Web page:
In addition, our newsletter "Foot Sense" comes out monthly.  You can also check out our past issues. Every issue contains a mouth-watering recipe and can be printed out for easier reading!

Seattle foot and ankle specialist, Dr. Rion Berg offers foot care for patients with bunions, heel pain, diabetes, fungal toenails, ingrown nails, and surgical solutions when needed to residents of Seattle, Bellevue, Kirkland, Shoreline, Lake Forest Park, Mountlake Terrace, Lynnwood and other surrounding suburbs.

Follow Dr. Berg on Facebook, Twitter, and Google+

Julia Hawkins was 101 when she set a world record for the 100 meter dash, only a year after she started running. And she's not alone. Each year hundreds of men and women are taking to running later in life. And many of them are competing in marathons. Over half of the people competing in the New York Marathon are over 40. And their running times are getting better.

As a Seattle podiatrist who sees many patients with Type II diabetes I'm thrilled to see so much enthusiasm for exercise in older adults.

Running can help you prevent and manage many chronic illnesses, make you sharper, and give you a greater sense of wellbeing. Although running isn't for everyone and you should certainly see your doctor before giving it a try, it can be a tremendous way to live well into your later years.

Runners over 50 suffer from the same kind of foot problems as younger people including plantar fasciitis, Achilles tendonitis, and ankle sprains. One difference is older adults take longer to recover from these injuries than their younger counterparts.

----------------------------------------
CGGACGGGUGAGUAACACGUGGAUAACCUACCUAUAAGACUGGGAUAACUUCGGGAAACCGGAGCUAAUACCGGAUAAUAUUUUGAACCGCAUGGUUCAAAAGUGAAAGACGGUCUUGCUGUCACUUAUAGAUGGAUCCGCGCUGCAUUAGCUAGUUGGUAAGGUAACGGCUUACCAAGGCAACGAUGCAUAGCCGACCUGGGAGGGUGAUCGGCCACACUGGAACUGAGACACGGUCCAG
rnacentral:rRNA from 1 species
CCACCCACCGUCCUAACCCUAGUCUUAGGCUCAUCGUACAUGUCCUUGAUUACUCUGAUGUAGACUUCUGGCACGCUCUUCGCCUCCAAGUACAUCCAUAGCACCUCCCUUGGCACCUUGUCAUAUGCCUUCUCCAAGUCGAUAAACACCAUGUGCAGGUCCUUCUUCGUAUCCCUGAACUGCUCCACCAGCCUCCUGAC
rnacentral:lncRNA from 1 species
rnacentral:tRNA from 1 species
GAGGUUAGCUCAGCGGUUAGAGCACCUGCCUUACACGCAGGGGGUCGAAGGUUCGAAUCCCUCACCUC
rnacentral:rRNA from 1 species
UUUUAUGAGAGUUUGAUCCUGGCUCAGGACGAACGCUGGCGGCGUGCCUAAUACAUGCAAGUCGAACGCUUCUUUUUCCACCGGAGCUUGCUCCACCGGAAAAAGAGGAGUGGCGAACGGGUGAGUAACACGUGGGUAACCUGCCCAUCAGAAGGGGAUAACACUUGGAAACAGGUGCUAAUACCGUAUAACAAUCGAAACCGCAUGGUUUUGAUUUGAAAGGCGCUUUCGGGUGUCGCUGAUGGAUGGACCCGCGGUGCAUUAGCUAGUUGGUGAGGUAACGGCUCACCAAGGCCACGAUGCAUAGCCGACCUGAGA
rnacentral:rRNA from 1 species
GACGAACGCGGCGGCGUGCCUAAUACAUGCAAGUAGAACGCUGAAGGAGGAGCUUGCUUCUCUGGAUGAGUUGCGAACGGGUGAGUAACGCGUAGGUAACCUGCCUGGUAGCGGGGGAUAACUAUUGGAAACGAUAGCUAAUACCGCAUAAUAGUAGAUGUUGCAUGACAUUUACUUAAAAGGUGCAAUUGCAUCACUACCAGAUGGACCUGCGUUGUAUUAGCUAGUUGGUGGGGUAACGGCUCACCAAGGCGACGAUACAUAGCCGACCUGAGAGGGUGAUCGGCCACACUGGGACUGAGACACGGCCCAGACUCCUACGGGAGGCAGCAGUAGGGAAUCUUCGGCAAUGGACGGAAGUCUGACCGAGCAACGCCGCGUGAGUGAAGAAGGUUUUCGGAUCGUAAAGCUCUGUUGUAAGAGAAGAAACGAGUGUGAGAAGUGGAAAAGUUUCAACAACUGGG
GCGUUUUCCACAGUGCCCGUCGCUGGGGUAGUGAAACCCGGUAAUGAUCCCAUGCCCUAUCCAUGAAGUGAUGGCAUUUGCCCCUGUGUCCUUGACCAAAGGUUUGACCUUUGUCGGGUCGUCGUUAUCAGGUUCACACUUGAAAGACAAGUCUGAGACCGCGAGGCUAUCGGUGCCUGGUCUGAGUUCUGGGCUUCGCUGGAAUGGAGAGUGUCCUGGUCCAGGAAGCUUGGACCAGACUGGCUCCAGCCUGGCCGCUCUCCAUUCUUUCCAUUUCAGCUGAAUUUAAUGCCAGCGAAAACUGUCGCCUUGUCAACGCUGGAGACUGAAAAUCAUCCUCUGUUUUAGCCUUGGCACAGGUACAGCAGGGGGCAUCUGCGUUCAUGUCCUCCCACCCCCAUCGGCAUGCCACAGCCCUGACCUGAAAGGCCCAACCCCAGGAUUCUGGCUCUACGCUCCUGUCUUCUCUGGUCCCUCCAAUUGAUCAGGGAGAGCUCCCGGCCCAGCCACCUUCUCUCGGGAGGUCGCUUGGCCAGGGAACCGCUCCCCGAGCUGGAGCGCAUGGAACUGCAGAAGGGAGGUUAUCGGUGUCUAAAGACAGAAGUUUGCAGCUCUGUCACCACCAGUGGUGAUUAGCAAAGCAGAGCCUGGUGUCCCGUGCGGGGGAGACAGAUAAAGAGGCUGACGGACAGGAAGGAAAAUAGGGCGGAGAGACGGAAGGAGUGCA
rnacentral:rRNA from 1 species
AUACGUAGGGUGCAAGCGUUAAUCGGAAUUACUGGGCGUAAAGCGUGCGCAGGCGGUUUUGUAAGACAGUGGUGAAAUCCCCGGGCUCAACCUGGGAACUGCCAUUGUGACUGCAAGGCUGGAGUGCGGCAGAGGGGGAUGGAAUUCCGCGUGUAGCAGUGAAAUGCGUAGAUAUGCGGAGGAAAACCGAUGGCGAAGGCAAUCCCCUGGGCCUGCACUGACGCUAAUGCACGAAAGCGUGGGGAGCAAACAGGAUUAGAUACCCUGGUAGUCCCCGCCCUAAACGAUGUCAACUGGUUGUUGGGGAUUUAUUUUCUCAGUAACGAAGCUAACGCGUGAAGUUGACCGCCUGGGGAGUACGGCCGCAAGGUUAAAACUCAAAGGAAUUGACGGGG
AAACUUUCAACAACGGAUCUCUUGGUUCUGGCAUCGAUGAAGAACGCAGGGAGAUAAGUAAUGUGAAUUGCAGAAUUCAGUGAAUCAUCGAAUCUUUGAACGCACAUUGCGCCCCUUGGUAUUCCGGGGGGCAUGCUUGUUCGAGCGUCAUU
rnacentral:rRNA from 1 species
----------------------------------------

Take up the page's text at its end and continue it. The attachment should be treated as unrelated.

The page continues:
Recommendations for older runners include:

  • Supplement running with strength and flexibility exercises. Check out the book by Ruth Bader Ginsburg's workout coach for some exercises you can do in the gym or at home.

  • Always warm-up before your run. Although warm-ups are important for all runners, they are a must for older runners. I recommend dynamic warm-ups for runners.

  • Purchase appropriate running shoes. Check out my previous blog "How to Buy the Best Running Shoes".

  • Buy running shoes with more cushioning if you've lost fat from the pads of your feet, a common problem as we age.

  • Wear inserts or get custom orthotics made by a podiatrist particularly if you have flat feet or another biomechanical problem.

  • Eating an anti-inflammatory diet may help with age-related arthritis pain in the feet, knees, and hips.

  • Take Vitamin D and eat calcium rich foods to prevent stress fractures. As we age we lose bone mass and are more prone to bone-related health problems.

More information:
5 Tips to Keep Runner's Feet Healthy and Strong
7 Hacks to Prevent Toenail Fungus in Runners
Don't Let Heel Pain Ruin Your Morning Run

Call us today at 206-368-7000 for an appointment. Often same day for emergencies and less than 2 weeks for chronic foot pain. You can also request an appointment online.